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Town hall meeting at Lackland AFB.

Remarks as delivered by Secretary of Defense Donald H. Rumsfeld, San Antonio, TX, Monday, August 25, 2003.

Rumsfeld: Thank you very much. (Applause continues.) Thank you all. Thank you very much. (Applause continues.) Thank you.

General Cook, thank you so much for that warm introduction, and thank you for your leadership.

I'm not a Texan, but I was stationed in Texas when I was in the Navy, at Corpus Christi. Does that count a little bit? (Laughter, applause.)

Colonel Holmes, Governor Rick Perry, it's a pleasure to see you, to be in your great state of Texas. I do have the mike, and I could comment on some of your comments, but I shan't. (Laughter.)

How about that band? (Cheers, applause.) How about the vocalists? (Whoops, applause.)

Men and women of America's armed forces--Army, Navy, Air Force and Marines --

Q: Hoo!

Rumsfeld: Is that for the Navy or the Marines? (Laughter.)

(Chuckles.) And the veterans of Operation Enduring Freedom and Operation Iraqi Freedom--I understand many of you are arrayed behind me here. Is that right? (Applause.) Terrific.

I wish each of you could have gone to the back of the room and walked in, like we did, and received the kind of greeting we received, because each of you deserves that applause. And we thank each of you for your service to our country.

What a day this has been! This morning I had the honor of meeting with some 6,000 members of Veterans of Foreign Wars at their national convention, to speak to some of the heroes of America's past; warriors whose gallantry and valor earned them the right to be called "the greatest generation." Later, I visited Fort Sam Houston, where thousands of Army medics are trained. Also had a chance to visit the Brooke Army Medical Center, where over 300 soldiers and Marines, wounded in Operation Iraqi Freedom, have been so well cared for, and to visit with some of the troops there who are currently in recovery. And now here this afternoon with America's latest generation of warriors.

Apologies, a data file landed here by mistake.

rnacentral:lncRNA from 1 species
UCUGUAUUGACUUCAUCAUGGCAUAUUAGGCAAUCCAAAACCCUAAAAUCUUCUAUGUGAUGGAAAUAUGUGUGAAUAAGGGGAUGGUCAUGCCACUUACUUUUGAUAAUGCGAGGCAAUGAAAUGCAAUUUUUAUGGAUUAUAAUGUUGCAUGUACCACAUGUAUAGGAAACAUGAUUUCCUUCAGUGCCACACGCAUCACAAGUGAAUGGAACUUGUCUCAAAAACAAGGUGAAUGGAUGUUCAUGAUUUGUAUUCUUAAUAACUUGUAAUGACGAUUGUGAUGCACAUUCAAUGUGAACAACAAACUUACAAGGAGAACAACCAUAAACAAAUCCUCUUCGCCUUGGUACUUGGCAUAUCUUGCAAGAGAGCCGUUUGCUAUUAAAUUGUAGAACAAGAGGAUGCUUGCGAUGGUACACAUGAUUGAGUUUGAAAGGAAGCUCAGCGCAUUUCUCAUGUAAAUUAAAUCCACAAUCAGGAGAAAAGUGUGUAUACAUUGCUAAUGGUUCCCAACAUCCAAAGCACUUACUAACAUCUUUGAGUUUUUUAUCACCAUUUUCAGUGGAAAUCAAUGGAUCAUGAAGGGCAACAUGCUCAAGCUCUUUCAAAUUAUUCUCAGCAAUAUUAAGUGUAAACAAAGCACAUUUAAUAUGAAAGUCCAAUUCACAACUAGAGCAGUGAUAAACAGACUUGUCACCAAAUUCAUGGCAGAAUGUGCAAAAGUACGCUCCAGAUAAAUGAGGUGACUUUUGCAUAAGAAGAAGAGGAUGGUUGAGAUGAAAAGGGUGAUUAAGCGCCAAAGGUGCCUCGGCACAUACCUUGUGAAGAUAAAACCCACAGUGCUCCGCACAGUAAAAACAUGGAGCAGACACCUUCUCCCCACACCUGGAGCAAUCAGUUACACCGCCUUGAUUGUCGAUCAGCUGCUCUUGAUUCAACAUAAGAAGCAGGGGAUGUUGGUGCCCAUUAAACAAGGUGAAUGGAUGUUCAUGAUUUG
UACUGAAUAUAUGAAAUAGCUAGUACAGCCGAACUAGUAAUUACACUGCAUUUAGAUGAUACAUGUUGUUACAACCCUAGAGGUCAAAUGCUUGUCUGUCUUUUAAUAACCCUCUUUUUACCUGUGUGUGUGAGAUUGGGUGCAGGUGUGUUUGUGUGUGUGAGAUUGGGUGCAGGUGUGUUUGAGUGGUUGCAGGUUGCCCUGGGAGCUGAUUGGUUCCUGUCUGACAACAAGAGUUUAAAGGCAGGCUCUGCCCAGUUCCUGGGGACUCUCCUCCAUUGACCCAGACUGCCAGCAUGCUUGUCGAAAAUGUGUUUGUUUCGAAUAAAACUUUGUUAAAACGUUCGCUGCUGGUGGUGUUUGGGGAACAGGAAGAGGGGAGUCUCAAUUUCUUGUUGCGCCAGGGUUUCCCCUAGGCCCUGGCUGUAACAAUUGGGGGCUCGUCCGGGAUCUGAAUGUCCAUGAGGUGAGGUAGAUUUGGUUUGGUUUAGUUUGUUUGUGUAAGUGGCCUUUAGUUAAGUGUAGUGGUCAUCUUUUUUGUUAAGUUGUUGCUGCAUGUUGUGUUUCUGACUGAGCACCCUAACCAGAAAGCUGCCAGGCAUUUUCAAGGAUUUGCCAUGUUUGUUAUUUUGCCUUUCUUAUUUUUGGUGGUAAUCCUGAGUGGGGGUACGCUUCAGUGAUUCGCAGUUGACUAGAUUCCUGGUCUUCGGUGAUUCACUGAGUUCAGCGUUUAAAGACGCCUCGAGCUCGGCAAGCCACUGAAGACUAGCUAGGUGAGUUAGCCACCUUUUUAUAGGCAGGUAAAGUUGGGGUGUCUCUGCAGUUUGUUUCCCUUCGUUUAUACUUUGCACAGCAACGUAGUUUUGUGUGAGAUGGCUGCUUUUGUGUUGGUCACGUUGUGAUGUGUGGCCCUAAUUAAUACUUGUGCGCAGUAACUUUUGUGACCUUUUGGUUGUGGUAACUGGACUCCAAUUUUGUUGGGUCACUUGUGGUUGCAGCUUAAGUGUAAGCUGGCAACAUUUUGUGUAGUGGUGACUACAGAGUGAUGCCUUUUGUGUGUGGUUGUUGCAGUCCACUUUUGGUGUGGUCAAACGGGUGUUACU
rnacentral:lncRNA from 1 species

Last month, we celebrated the 30th anniversary of the all-volunteer force. And what a force it is; men and women who voluntarily step forward to put their lives at risk to protect and defend freedom--our freedom here at home, but also the freedom of folks across the globe. During these past 22 months, in the global war on terror, America's armed forces have been tested again and again. And as our commander in chief, President George W. Bush, has said, "In every case, in every mission they have brought credit to the uniform, to the flag and to our country. Whenever and wherever we have needed you," he said, "you have never let us down." So, we thank you for that.

And I must say, I thank your families, also, for they, too, sacrifice, let there be no doubt; they sacrifice so that each of you can do your job for our nation and for the world.

Our world is a different place than it was two years ago. September 11th ushered in a new age, an age of--some are calling, of asymmetric warfare. In this age, the threats we have faced have not been so much large armies, large navies and large air forces locked in great battle, but suicide bombers, cyber-terrorists, low-intensity warfare, and the spreading contagion of weapons of mass destruction.